The airline has discovered that people find that the use of AR technology is appealing and generates a positive response.
The new 787 Dreamliner at Virgin Atlantic, called Birthday Girl, is considered to be one of the most advanced and high tech experiences in aviation due to a number of its features, including an augmented reality tour.
The plane has been designed to bring together an elegant design and the latest in AR technology.
Visitors to a specific site are able to click their way through the cabin interior of Birthday Girl through the use of mobile devices and augmented reality. This makes it possible for prospective customers of Virgin Atlantic to be able to view the entire interior of the aircraft. This provides them with a realistic understanding of what they will actually be enjoying in flight, even before they have purchased their tickets.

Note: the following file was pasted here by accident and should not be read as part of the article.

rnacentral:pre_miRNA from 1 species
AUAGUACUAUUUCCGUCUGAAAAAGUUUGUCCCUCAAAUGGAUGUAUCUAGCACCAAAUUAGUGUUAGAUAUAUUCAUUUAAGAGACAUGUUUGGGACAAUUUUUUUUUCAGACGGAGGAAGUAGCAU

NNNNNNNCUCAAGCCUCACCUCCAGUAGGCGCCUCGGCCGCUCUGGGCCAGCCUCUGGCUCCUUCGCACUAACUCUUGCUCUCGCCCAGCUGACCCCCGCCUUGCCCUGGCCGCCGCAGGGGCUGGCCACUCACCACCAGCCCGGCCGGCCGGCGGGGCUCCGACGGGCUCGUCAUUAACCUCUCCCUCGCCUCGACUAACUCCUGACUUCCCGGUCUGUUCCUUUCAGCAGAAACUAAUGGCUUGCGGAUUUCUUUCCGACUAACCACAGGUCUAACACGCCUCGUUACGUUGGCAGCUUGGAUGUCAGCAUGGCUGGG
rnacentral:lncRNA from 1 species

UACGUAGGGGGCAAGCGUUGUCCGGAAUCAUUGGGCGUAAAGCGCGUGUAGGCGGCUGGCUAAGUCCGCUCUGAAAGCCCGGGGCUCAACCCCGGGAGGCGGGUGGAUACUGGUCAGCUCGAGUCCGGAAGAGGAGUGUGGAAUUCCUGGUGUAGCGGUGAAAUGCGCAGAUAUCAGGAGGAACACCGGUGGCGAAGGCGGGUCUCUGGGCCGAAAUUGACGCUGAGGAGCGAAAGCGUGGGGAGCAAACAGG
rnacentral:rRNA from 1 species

The augmented reality experience was originally designed to help in the training of cabin crew.
According to the Virgin Atlantic design manager, Nik Lusardi, “We use that as a tour for crew training, and also internal training, which also allows us to visit the aircraft virtually, without stepping on the aircraft.” He added that they discovered that it remains a tool that they will continue to use internally, as well, pointing out that “It’s really good from a training perspective because it gives our crew, that are going to be training in the classroom, a real perspective of the aircraft before they even step onboard.”
Virgin Atlantic uses the AR mobile app to familiarize the crew with the aircraft even before they have ever stepped aboard. The goal is to help to make sure that the crew would gain a better understanding of the cabin space, learn where everything aboard is located, and discover the ways in which they will be able to interact with passengers.
The augmented reality experience is also being found to be helpful in boosting revenue as it improves the ability of the airline to keep its fleet flying, which relies on the ability to better schedule and complete its crew training.